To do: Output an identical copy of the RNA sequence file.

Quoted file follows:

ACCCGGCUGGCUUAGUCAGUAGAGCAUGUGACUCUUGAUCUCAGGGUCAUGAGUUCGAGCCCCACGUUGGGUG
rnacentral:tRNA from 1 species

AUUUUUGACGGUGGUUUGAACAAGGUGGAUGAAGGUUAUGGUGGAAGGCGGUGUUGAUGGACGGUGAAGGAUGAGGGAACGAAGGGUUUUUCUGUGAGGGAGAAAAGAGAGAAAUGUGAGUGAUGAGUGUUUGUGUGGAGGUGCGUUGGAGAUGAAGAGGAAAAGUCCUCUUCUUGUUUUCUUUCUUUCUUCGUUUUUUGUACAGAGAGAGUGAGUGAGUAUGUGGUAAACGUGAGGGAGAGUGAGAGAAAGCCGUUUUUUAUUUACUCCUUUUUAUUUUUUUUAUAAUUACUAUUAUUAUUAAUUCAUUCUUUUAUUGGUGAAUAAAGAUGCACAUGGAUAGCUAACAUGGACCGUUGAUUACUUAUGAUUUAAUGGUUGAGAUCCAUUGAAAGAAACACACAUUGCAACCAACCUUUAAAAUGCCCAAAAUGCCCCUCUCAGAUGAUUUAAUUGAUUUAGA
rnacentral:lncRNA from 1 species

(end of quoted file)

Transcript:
ACCCGGCUGGCUUAGUCAGUAGAGCAUGUGACUCUUGAUCUCAGGGUCAUGAGUUCGAGCCCCACGUUGGGUG
rnacentral:tRNA from 1 species

AUUUUUGACGGUGGUUUGAACAAGGUGGAUGAAGGUUAUGGUGGAAGGCGGUGUUGAUGGACGGUGAAGGAUGAGGGAACGAAGGGUUUUUCUGUGAGGGAGAAAAGAGAGAAAUGUGAGUGAUGAGUGUUUGUGUGGAGGUGCGUUGGAGAUGAAGAGGAAAAGUCCUCUUCUUGUUUUCUUUCUUUCUUCGUUUUUUGUACAGAGAGAGUGAGUGAGUAUGUGGUAAACGUGAGGGAGAGUGAGAGAAAGCCGUUUUUUAUUUACUCCUUUUUAUUUUUUUUAUAAUUACUAUUAUUAUUAAUUCAUUCUUUUAUUGGUGAAUAAAGAUGCACAUGGAUAGCUAACAUGGACCGUUGAUUACUUAUGAUUUAAUGGUUGAGAUCCAUUGAAAGAAACACACAUUGCAACCAACCUUUAAAAUGCCCAAAAUGCCCCUCUCAGAUGAUUUAAUUGAUUUAGA
rnacentral:lncRNA from 1 species